SAN BERNARDINO, California — As many as three gunmen believed to be wearing military-style gear opened fire Wednesday at a Southern California social services center, killing at least 14 people and wounding more than a dozen, authorities said.
Burguan said the number of people killed and wounded were preliminary estimates that could change. Authorities said 10 of the 14 people wounded were taken to hospitals in critical condition.
Hours after the attack at the Inland Regional Center in San Bernardino, local police engaged in a shootout with what they believed to be the attackers’ vehicle, a black SUV.
“Suspects are down, one officer wounded. Details still unfolding,” tweeted San Bernardino police chief Jarrod Burguan.
Police were hunting for up to three gunmen following the attack, and Sergeant Vicki Cervantes told reporters one may still be on the loose.
“I believe there is still possibly a suspect outstanding,” she said.
Cervantes said that a police officer suffered a non life-threatening injury during the shootout.
A body and what appeared to be a pool of blood could be seen near a bullet-riddled SUV that was surrounded by dozens of police vehicles.
Police swarmed the residential neighborhood with officers, guns drawn, as residents were told to stay in their homes with the doors locked.
The shooting — less than three weeks after the Paris attacks that left 130 people dead — immediately raised the specter of terrorism. Police shed no light on a motive. President Barack Obama was briefed on the attack by his homeland security adviser.
Witnesses said several people locked themselves in their offices, desperately waiting to be rescued by police, after gunfire erupted at the Inland Regional Center, which serves people with developmental disabilities.
The attack took place in a conference area where the San Bernardino County Department of Public Health was holding a banquet, said Maybeth Field, president and CEO of the social services center. She said the building houses at least 25 employees as well as a library and conference center.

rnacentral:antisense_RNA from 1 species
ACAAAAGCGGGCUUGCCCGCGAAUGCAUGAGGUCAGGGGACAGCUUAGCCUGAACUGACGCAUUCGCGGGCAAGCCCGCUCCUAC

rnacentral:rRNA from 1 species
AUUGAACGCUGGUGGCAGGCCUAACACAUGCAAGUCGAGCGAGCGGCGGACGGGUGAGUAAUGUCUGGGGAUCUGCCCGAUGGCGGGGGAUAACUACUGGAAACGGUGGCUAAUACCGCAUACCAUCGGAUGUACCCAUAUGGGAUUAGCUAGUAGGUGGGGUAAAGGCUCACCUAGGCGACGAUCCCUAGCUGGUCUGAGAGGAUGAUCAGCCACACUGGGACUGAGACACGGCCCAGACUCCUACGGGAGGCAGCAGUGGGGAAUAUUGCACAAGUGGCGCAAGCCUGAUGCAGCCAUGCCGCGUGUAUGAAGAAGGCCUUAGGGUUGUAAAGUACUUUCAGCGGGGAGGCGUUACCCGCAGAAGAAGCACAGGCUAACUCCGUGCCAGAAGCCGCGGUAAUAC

FBI agents and other law enforcement authorities converged on the center and searched for the shooter or shooters.
As the manhunt went on, stores, office buildings and at least one school were locked down in the city of 214,000 people about 60 miles east of Los Angeles, and roads were blocked off.
Triage units were set up outside, and people were seen being wheeled away on stretchers. Others walked quickly from a building with their hands up. They were searched by police before being reunited with loved ones.
Terry Petit said his daughter works at the center, and he got a text from her saying she was hiding in the building after hearing gunshots. Petit choked back tears as he read the texts for reporters outside the center. He said she wrote: “People shot. In the office waiting for cops. Pray for us. I am locked in an office.”
Marcos Aguilera’s wife was in the building when the gunfire erupted. He said a shooter entered the building next to his wife’s office and opened fire.
“They locked themselves in her office. They seen bodies on the floor,” Aguilera told KABC-TV, adding that his wife was able to get out of the building unharmed.
Obama decried what he called the “pattern” of mass shootings in the United States and reiterated his call for tougher gun controls.
“The one thing we do know is that we have a pattern now of mass shootings in this country that has no parallel anywhere else in the world,” Obama told CBS News.
“There are some steps we could take, not to eliminate every one of these mass shootings, but to improve the odds that they don’t happen as frequently.”
Democratic presidential hopeful Hillary Clinton tweeted: “I refuse to accept this as normal. We must take action to stop gun violence now.”